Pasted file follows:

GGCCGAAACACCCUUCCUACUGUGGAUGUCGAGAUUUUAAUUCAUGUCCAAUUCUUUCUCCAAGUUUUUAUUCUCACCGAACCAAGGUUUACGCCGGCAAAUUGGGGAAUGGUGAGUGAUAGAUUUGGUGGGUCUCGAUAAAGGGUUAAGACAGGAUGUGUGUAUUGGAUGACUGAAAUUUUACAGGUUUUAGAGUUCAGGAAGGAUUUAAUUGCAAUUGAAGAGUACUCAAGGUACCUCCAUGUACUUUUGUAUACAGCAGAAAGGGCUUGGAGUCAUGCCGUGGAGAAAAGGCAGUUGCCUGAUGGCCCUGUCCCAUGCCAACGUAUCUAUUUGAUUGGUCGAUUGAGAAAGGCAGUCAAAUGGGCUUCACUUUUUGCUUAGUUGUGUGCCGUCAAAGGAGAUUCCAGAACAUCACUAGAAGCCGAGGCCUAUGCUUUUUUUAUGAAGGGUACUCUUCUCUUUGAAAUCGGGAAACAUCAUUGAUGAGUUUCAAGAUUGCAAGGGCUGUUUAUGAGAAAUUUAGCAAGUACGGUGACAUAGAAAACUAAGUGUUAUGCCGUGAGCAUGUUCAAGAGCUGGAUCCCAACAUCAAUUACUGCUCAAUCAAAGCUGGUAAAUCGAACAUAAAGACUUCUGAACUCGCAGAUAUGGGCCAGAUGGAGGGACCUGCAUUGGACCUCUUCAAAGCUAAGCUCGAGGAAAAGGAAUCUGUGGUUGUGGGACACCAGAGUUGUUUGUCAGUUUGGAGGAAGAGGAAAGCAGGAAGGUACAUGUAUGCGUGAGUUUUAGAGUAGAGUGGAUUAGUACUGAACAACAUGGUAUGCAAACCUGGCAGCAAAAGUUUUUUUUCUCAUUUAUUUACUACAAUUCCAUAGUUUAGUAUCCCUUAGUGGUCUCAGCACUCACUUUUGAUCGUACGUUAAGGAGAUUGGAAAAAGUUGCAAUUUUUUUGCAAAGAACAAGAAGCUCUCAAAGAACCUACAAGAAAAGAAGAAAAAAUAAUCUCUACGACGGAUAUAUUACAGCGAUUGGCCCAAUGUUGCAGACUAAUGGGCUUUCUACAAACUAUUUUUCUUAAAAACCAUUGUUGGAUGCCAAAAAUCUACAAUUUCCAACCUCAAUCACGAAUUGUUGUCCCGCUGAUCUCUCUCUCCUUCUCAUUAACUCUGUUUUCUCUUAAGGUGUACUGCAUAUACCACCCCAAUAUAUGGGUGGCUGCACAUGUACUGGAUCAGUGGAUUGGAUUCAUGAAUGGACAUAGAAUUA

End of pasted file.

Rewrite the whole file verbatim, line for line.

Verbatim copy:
GGCCGAAACACCCUUCCUACUGUGGAUGUCGAGAUUUUAAUUCAUGUCCAAUUCUUUCUCCAAGUUUUUAUUCUCACCGAACCAAGGUUUACGCCGGCAAAUUGGGGAAUGGUGAGUGAUAGAUUUGGUGGGUCUCGAUAAAGGGUUAAGACAGGAUGUGUGUAUUGGAUGACUGAAAUUUUACAGGUUUUAGAGUUCAGGAAGGAUUUAAUUGCAAUUGAAGAGUACUCAAGGUACCUCCAUGUACUUUUGUAUACAGCAGAAAGGGCUUGGAGUCAUGCCGUGGAGAAAAGGCAGUUGCCUGAUGGCCCUGUCCCAUGCCAACGUAUCUAUUUGAUUGGUCGAUUGAGAAAGGCAGUCAAAUGGGCUUCACUUUUUGCUUAGUUGUGUGCCGUCAAAGGAGAUUCCAGAACAUCACUAGAAGCCGAGGCCUAUGCUUUUUUUAUGAAGGGUACUCUUCUCUUUGAAAUCGGGAAACAUCAUUGAUGAGUUUCAAGAUUGCAAGGGCUGUUUAUGAGAAAUUUAGCAAGUACGGUGACAUAGAAAACUAAGUGUUAUGCCGUGAGCAUGUUCAAGAGCUGGAUCCCAACAUCAAUUACUGCUCAAUCAAAGCUGGUAAAUCGAACAUAAAGACUUCUGAACUCGCAGAUAUGGGCCAGAUGGAGGGACCUGCAUUGGACCUCUUCAAAGCUAAGCUCGAGGAAAAGGAAUCUGUGGUUGUGGGACACCAGAGUUGUUUGUCAGUUUGGAGGAAGAGGAAAGCAGGAAGGUACAUGUAUGCGUGAGUUUUAGAGUAGAGUGGAUUAGUACUGAACAACAUGGUAUGCAAACCUGGCAGCAAAAGUUUUUUUUCUCAUUUAUUUACUACAAUUCCAUAGUUUAGUAUCCCUUAGUGGUCUCAGCACUCACUUUUGAUCGUACGUUAAGGAGAUUGGAAAAAGUUGCAAUUUUUUUGCAAAGAACAAGAAGCUCUCAAAGAACCUACAAGAAAAGAAGAAAAAAUAAUCUCUACGACGGAUAUAUUACAGCGAUUGGCCCAAUGUUGCAGACUAAUGGGCUUUCUACAAACUAUUUUUCUUAAAAACCAUUGUUGGAUGCCAAAAAUCUACAAUUUCCAACCUCAAUCACGAAUUGUUGUCCCGCUGAUCUCUCUCUCCUUCUCAUUAACUCUGUUUUCUCUUAAGGUGUACUGCAUAUACCACCCCAAUAUAUGGGUGGCUGCACAUGUACUGGAUCAGUGGAUUGGAUUCAUGAAUGGACAUAGAAUUA